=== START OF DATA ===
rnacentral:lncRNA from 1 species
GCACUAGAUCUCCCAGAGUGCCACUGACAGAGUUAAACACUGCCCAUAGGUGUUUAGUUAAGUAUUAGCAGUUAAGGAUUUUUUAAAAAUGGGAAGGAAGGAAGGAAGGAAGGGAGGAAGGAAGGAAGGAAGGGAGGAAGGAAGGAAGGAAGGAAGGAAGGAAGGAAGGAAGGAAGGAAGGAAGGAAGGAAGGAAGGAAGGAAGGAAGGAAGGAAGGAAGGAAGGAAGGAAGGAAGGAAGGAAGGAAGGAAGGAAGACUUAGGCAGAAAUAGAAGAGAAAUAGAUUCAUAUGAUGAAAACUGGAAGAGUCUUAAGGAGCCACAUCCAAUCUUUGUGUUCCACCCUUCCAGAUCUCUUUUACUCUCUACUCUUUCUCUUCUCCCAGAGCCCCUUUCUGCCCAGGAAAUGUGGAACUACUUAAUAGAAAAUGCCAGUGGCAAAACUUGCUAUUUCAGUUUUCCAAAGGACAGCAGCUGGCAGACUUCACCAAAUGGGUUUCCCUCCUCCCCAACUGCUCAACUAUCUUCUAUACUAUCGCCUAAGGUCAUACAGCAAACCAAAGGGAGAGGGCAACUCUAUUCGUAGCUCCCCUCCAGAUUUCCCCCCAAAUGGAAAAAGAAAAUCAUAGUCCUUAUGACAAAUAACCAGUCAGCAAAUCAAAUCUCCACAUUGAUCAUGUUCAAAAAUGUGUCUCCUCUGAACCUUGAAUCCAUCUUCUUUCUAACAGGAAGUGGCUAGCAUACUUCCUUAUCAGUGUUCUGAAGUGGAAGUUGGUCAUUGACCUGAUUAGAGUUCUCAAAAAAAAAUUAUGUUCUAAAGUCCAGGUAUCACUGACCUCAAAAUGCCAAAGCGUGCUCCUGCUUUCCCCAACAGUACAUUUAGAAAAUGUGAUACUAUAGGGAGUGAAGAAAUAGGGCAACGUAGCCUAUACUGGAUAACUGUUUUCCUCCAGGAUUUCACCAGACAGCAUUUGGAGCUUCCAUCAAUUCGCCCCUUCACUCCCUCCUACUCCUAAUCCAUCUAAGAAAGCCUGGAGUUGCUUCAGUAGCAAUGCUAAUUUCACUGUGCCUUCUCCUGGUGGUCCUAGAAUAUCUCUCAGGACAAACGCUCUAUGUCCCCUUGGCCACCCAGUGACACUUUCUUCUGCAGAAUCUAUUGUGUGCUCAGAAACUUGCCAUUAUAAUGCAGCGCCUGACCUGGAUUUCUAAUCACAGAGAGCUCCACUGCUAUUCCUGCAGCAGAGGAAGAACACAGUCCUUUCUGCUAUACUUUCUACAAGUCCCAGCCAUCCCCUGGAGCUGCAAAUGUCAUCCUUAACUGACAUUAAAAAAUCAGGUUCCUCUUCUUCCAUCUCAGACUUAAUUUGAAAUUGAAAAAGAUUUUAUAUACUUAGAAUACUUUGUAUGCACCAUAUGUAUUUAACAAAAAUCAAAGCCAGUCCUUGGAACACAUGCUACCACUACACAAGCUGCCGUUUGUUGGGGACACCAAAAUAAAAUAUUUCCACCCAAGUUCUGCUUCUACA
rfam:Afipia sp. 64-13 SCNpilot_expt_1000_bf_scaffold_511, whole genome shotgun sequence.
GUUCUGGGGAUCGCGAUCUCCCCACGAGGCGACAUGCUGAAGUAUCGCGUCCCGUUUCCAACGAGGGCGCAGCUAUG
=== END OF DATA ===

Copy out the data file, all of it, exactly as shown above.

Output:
rnacentral:lncRNA from 1 species
GCACUAGAUCUCCCAGAGUGCCACUGACAGAGUUAAACACUGCCCAUAGGUGUUUAGUUAAGUAUUAGCAGUUAAGGAUUUUUUAAAAAUGGGAAGGAAGGAAGGAAGGAAGGGAGGAAGGAAGGAAGGAAGGGAGGAAGGAAGGAAGGAAGGAAGGAAGGAAGGAAGGAAGGAAGGAAGGAAGGAAGGAAGGAAGGAAGGAAGGAAGGAAGGAAGGAAGGAAGGAAGGAAGGAAGGAAGGAAGGAAGGAAGGAAGACUUAGGCAGAAAUAGAAGAGAAAUAGAUUCAUAUGAUGAAAACUGGAAGAGUCUUAAGGAGCCACAUCCAAUCUUUGUGUUCCACCCUUCCAGAUCUCUUUUACUCUCUACUCUUUCUCUUCUCCCAGAGCCCCUUUCUGCCCAGGAAAUGUGGAACUACUUAAUAGAAAAUGCCAGUGGCAAAACUUGCUAUUUCAGUUUUCCAAAGGACAGCAGCUGGCAGACUUCACCAAAUGGGUUUCCCUCCUCCCCAACUGCUCAACUAUCUUCUAUACUAUCGCCUAAGGUCAUACAGCAAACCAAAGGGAGAGGGCAACUCUAUUCGUAGCUCCCCUCCAGAUUUCCCCCCAAAUGGAAAAAGAAAAUCAUAGUCCUUAUGACAAAUAACCAGUCAGCAAAUCAAAUCUCCACAUUGAUCAUGUUCAAAAAUGUGUCUCCUCUGAACCUUGAAUCCAUCUUCUUUCUAACAGGAAGUGGCUAGCAUACUUCCUUAUCAGUGUUCUGAAGUGGAAGUUGGUCAUUGACCUGAUUAGAGUUCUCAAAAAAAAAUUAUGUUCUAAAGUCCAGGUAUCACUGACCUCAAAAUGCCAAAGCGUGCUCCUGCUUUCCCCAACAGUACAUUUAGAAAAUGUGAUACUAUAGGGAGUGAAGAAAUAGGGCAACGUAGCCUAUACUGGAUAACUGUUUUCCUCCAGGAUUUCACCAGACAGCAUUUGGAGCUUCCAUCAAUUCGCCCCUUCACUCCCUCCUACUCCUAAUCCAUCUAAGAAAGCCUGGAGUUGCUUCAGUAGCAAUGCUAAUUUCACUGUGCCUUCUCCUGGUGGUCCUAGAAUAUCUCUCAGGACAAACGCUCUAUGUCCCCUUGGCCACCCAGUGACACUUUCUUCUGCAGAAUCUAUUGUGUGCUCAGAAACUUGCCAUUAUAAUGCAGCGCCUGACCUGGAUUUCUAAUCACAGAGAGCUCCACUGCUAUUCCUGCAGCAGAGGAAGAACACAGUCCUUUCUGCUAUACUUUCUACAAGUCCCAGCCAUCCCCUGGAGCUGCAAAUGUCAUCCUUAACUGACAUUAAAAAAUCAGGUUCCUCUUCUUCCAUCUCAGACUUAAUUUGAAAUUGAAAAAGAUUUUAUAUACUUAGAAUACUUUGUAUGCACCAUAUGUAUUUAACAAAAAUCAAAGCCAGUCCUUGGAACACAUGCUACCACUACACAAGCUGCCGUUUGUUGGGGACACCAAAAUAAAAUAUUUCCACCCAAGUUCUGCUUCUACA
rfam:Afipia sp. 64-13 SCNpilot_expt_1000_bf_scaffold_511, whole genome shotgun sequence.
GUUCUGGGGAUCGCGAUCUCCCCACGAGGCGACAUGCUGAAGUAUCGCGUCCCGUUUCCAACGAGGGCGCAGCUAUG